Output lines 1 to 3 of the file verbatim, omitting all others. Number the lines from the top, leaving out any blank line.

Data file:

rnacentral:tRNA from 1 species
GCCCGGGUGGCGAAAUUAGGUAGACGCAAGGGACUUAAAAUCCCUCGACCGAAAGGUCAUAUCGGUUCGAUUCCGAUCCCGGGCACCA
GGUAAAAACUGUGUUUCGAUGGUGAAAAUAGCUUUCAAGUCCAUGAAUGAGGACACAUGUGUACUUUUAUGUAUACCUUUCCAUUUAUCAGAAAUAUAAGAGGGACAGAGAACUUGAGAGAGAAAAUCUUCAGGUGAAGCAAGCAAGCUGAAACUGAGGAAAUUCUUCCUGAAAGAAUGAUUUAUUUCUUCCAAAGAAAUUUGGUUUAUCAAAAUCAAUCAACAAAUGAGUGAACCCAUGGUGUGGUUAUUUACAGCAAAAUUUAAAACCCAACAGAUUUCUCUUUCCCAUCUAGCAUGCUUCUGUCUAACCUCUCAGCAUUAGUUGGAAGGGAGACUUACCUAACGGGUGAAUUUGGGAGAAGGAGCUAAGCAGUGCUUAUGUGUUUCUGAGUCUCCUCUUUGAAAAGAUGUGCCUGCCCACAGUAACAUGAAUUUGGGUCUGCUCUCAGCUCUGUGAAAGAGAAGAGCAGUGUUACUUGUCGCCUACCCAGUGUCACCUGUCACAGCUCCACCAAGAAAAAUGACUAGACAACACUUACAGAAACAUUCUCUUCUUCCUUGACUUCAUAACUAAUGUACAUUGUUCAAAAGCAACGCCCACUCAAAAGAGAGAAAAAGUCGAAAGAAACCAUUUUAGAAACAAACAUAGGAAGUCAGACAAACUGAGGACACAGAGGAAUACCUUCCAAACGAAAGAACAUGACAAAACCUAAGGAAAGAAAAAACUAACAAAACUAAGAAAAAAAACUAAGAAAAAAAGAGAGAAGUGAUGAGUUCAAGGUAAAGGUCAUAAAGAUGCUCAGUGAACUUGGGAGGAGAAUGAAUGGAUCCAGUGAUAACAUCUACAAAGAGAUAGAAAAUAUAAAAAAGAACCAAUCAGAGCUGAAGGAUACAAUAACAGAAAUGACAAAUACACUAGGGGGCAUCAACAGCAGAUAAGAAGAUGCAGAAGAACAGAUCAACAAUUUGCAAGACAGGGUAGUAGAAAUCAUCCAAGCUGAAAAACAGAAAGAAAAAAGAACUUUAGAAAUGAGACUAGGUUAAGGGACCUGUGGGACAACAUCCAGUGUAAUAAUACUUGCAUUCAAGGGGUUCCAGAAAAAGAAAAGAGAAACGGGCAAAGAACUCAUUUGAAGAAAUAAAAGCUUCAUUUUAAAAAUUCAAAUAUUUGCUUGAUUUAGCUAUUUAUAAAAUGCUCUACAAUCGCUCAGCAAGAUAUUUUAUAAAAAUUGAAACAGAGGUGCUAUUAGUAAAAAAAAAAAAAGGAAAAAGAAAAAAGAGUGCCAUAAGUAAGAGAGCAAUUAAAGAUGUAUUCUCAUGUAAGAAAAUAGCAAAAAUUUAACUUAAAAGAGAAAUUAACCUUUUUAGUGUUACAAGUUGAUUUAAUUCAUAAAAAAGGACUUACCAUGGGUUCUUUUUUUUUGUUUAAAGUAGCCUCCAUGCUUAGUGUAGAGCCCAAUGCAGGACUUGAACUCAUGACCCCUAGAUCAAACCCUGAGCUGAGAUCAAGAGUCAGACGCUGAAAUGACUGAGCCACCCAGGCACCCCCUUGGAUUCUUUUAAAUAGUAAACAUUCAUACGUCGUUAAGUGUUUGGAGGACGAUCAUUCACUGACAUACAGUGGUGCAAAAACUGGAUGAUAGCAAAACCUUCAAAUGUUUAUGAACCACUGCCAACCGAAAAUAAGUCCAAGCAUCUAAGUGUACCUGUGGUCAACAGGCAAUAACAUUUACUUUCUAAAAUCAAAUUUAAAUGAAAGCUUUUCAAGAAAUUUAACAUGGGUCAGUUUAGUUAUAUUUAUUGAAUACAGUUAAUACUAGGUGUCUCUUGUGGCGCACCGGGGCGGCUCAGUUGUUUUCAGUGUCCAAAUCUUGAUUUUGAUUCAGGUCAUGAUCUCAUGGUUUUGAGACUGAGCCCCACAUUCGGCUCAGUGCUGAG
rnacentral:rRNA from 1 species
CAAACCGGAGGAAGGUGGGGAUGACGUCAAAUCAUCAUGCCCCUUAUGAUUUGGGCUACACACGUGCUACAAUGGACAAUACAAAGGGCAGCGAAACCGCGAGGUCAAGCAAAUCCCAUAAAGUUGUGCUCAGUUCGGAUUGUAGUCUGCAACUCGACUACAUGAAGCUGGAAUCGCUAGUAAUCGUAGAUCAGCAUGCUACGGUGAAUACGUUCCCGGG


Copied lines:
rnacentral:tRNA from 1 species
GCCCGGGUGGCGAAAUUAGGUAGACGCAAGGGACUUAAAAUCCCUCGACCGAAAGGUCAUAUCGGUUCGAUUCCGAUCCCGGGCACCA
GGUAAAAACUGUGUUUCGAUGGUGAAAAUAGCUUUCAAGUCCAUGAAUGAGGACACAUGUGUACUUUUAUGUAUACCUUUCCAUUUAUCAGAAAUAUAAGAGGGACAGAGAACUUGAGAGAGAAAAUCUUCAGGUGAAGCAAGCAAGCUGAAACUGAGGAAAUUCUUCCUGAAAGAAUGAUUUAUUUCUUCCAAAGAAAUUUGGUUUAUCAAAAUCAAUCAACAAAUGAGUGAACCCAUGGUGUGGUUAUUUACAGCAAAAUUUAAAACCCAACAGAUUUCUCUUUCCCAUCUAGCAUGCUUCUGUCUAACCUCUCAGCAUUAGUUGGAAGGGAGACUUACCUAACGGGUGAAUUUGGGAGAAGGAGCUAAGCAGUGCUUAUGUGUUUCUGAGUCUCCUCUUUGAAAAGAUGUGCCUGCCCACAGUAACAUGAAUUUGGGUCUGCUCUCAGCUCUGUGAAAGAGAAGAGCAGUGUUACUUGUCGCCUACCCAGUGUCACCUGUCACAGCUCCACCAAGAAAAAUGACUAGACAACACUUACAGAAACAUUCUCUUCUUCCUUGACUUCAUAACUAAUGUACAUUGUUCAAAAGCAACGCCCACUCAAAAGAGAGAAAAAGUCGAAAGAAACCAUUUUAGAAACAAACAUAGGAAGUCAGACAAACUGAGGACACAGAGGAAUACCUUCCAAACGAAAGAACAUGACAAAACCUAAGGAAAGAAAAAACUAACAAAACUAAGAAAAAAAACUAAGAAAAAAAGAGAGAAGUGAUGAGUUCAAGGUAAAGGUCAUAAAGAUGCUCAGUGAACUUGGGAGGAGAAUGAAUGGAUCCAGUGAUAACAUCUACAAAGAGAUAGAAAAUAUAAAAAAGAACCAAUCAGAGCUGAAGGAUACAAUAACAGAAAUGACAAAUACACUAGGGGGCAUCAACAGCAGAUAAGAAGAUGCAGAAGAACAGAUCAACAAUUUGCAAGACAGGGUAGUAGAAAUCAUCCAAGCUGAAAAACAGAAAGAAAAAAGAACUUUAGAAAUGAGACUAGGUUAAGGGACCUGUGGGACAACAUCCAGUGUAAUAAUACUUGCAUUCAAGGGGUUCCAGAAAAAGAAAAGAGAAACGGGCAAAGAACUCAUUUGAAGAAAUAAAAGCUUCAUUUUAAAAAUUCAAAUAUUUGCUUGAUUUAGCUAUUUAUAAAAUGCUCUACAAUCGCUCAGCAAGAUAUUUUAUAAAAAUUGAAACAGAGGUGCUAUUAGUAAAAAAAAAAAAAGGAAAAAGAAAAAAGAGUGCCAUAAGUAAGAGAGCAAUUAAAGAUGUAUUCUCAUGUAAGAAAAUAGCAAAAAUUUAACUUAAAAGAGAAAUUAACCUUUUUAGUGUUACAAGUUGAUUUAAUUCAUAAAAAAGGACUUACCAUGGGUUCUUUUUUUUUGUUUAAAGUAGCCUCCAUGCUUAGUGUAGAGCCCAAUGCAGGACUUGAACUCAUGACCCCUAGAUCAAACCCUGAGCUGAGAUCAAGAGUCAGACGCUGAAAUGACUGAGCCACCCAGGCACCCCCUUGGAUUCUUUUAAAUAGUAAACAUUCAUACGUCGUUAAGUGUUUGGAGGACGAUCAUUCACUGACAUACAGUGGUGCAAAAACUGGAUGAUAGCAAAACCUUCAAAUGUUUAUGAACCACUGCCAACCGAAAAUAAGUCCAAGCAUCUAAGUGUACCUGUGGUCAACAGGCAAUAACAUUUACUUUCUAAAAUCAAAUUUAAAUGAAAGCUUUUCAAGAAAUUUAACAUGGGUCAGUUUAGUUAUAUUUAUUGAAUACAGUUAAUACUAGGUGUCUCUUGUGGCGCACCGGGGCGGCUCAGUUGUUUUCAGUGUCCAAAUCUUGAUUUUGAUUCAGGUCAUGAUCUCAUGGUUUUGAGACUGAGCCCCACAUUCGGCUCAGUGCUGAG